More green space could combat Brisbane's 'silent killer'
Extreme heat is a “silent killer” that takes more Australians than any natural disaster each year, with outer suburbs some of the most vulnerable to becoming dangerous 'heat sinks'.
Climate change is ensuring Queensland will see more extreme heat in the years to come, with 2017 already the state’s hottest year on record at 1.4 degrees over the average and year-on-year temperature increases expected.
For cities like Brisbane, in an urban environment constructed of heat-absorbing materials such as concrete and steel, planting more trees to cool and shade the city may seem an obvious solution.
But now with more than a decade of academic evidence, the research is beginning to prove the beliefs that planting more greenery around a city doesn’t just help reduce its heat burden and lower the number of heat-related deaths, it has far wider social implications as well.
Tony Matthews, a senior lecturer in urban and environmental planning at Griffith University, is one of a number of academics and experts joining governments and community organisations to call for a commitment to more green spaces in urban environments by 2020.
“Heat stress actually causes more deaths in Australia than all of the other natural disasters combined,” Dr Matthews said.
“There’s more people who die annually from a heat-related condition, or heat stress-related condition, than from all of the floods, cyclones and bushfires we have in any given year.
“So it is a very significant and powerful silent killer.”
The 202020 Vision wants to see a 20 per cent increase in green spaces across urban areas in just two years to improve society’s health, wellbeing and future.
Dr Matthews said while many cities had been aware of the importance of green spaces for more than a decade, it was only in recent years that there had been a concerted push along Australia’s east coast to “green” the major cities.
Lowering a city’s heat load and reducing human risk of heat-related illnesses, sick days off work and school, and deaths, were a major focus for the new campaign that cites multiple benefits in adding more green spaces.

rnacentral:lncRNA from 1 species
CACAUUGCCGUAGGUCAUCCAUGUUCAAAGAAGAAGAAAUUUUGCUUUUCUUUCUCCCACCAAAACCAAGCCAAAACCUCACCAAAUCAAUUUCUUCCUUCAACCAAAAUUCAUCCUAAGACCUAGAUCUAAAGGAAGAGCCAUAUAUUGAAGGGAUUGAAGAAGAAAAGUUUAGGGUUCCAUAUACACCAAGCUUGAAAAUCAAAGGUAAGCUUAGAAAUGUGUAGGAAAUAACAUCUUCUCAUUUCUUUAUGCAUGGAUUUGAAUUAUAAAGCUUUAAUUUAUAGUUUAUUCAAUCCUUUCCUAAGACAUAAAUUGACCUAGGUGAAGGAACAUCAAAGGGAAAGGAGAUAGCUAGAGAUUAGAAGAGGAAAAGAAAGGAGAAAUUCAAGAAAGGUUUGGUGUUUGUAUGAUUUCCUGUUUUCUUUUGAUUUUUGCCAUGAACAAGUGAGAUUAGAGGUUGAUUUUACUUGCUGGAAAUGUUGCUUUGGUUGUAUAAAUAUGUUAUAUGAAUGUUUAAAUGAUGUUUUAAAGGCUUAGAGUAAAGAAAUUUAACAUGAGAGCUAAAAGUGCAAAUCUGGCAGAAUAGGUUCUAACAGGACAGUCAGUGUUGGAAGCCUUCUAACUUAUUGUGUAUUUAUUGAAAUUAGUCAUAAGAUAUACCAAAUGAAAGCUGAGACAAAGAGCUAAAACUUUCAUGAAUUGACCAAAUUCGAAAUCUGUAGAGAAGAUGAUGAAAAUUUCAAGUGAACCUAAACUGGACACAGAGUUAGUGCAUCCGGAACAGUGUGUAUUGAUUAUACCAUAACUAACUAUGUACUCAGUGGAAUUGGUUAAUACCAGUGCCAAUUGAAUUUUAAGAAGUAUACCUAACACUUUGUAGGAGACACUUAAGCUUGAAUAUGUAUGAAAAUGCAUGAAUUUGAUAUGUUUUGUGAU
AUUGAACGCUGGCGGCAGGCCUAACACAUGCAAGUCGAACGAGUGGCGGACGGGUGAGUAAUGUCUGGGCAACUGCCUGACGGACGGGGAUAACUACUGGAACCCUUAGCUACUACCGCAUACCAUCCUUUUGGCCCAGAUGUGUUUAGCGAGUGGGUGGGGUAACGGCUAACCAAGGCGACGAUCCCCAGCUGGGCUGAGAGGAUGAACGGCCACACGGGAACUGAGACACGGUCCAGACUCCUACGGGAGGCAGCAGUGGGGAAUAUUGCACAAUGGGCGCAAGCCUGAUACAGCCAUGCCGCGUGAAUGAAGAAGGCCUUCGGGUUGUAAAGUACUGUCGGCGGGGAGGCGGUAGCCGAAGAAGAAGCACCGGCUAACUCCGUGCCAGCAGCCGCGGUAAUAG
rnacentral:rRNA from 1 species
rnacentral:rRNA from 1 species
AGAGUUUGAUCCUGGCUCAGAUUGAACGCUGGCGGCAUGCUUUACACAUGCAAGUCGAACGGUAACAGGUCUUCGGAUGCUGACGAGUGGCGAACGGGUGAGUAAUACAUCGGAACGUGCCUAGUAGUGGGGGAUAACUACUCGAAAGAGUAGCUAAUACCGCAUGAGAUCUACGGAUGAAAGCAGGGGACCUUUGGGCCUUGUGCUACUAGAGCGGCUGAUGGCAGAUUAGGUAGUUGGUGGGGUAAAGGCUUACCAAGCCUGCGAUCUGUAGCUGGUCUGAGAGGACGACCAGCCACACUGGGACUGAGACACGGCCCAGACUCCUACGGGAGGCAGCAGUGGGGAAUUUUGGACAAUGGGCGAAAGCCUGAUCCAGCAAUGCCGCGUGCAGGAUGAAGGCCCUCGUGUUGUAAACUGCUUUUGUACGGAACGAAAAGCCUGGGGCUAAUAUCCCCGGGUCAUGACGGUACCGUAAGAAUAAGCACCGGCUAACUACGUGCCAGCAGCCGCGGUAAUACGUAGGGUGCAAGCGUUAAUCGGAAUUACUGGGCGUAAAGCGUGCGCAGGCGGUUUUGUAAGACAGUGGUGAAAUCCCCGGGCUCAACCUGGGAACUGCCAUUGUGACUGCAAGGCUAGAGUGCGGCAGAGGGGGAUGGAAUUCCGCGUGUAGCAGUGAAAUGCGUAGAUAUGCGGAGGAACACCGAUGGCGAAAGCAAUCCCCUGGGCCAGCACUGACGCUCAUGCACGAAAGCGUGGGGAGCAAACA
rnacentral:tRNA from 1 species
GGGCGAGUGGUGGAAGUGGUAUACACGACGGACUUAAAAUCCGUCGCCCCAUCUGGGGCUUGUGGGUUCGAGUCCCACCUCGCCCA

Reduced electricity and airconditioning costs were also benefits as buildings required less human effort to keep cool in heatwaves, Dr Matthews said, while the social benefits of more green spaces were well documented.
Recent US research also showed that increased green spaces reduced crime and anti-social behaviour, contradicting earlier assumptions that more trees and shrubs created hotspots for crime and misbehaviour.
“Any and all of these benefits are potentially attainable if you do urban greening properly and you know what it is that you’re trying to achieve,” he said.
“Whether your primary aim is to achieve heat reduction or to increase social space … as long as you’re clear on your aims and the intervention is carried out properly and you use the right species and it’s done correctly, you should have some or all of those benefits in return.”
While Brisbane city already has large, dedicated green spaces – such as South Bank, the Botanic Gardens and New Farm Park – Brisbane’s outer suburbs fared less well, Dr Matthews said.
In residential suburbs, 39 per cent of tree canopy cover is growing in public parks, according to Brisbane City Council data, which also stated that the leafier areas of Brisbane were five degrees cooler than non-shaded areas.
Middle-ring suburbs were more likely to be the leafy, cool retreats created by postwar architecture and planting, but rapid and pressured urban expansion meant Brisbane’s newer suburbs were a different proposition.
It was those outer suburbs that have the highest risk of heat stress, Dr Matthews said, with communities of people who couldn’t afford to live in the leafy central suburbs.
“The real problem comes when we try and increase densities, which we have done in a suburban context through a quality called urban consolidation,” he said.
“And that has been taken up through most of the capital cities, all of the capital cities, in fact.
“It’s squeezing more floorspace out of less land, so that’s why we’re seeing so many apartments, so many townhouses, we’re also seeing a reduction in block sizes from maybe 700 metres or 650 metres to 400 metres.”
Squeezing more properties onto land means there is less room for parks, trees, or anything other than constructed buildings, he said.
The result is dense, urban fringe suburbs with little greenery and houses with no gardens, parks reduced in size as competition for tenancy grows, leaving councils trying to “retrofit” greenery into suburbs specifically designed without it.
“What I feel we have done with these suburbs is we have locked them into a pattern of heat stress, limited outdoor activity, limited use of the public realm, and all of the problems that come with that because they’re not green enough and in some cases they don’t have the potential to be any greener,” Dr Matthews said.
“We’ve designed some very poorly performing suburbs in terms of how they deal with heat … and now that they’re there, there’s not a lot we can do with them.
“We’ve essentially designed in a flaw into the built environment.”
In 2012, Brisbane City Council completed a plan to plant 2 million trees across the city, with 55 per cent of the city’s tree canopy on public land.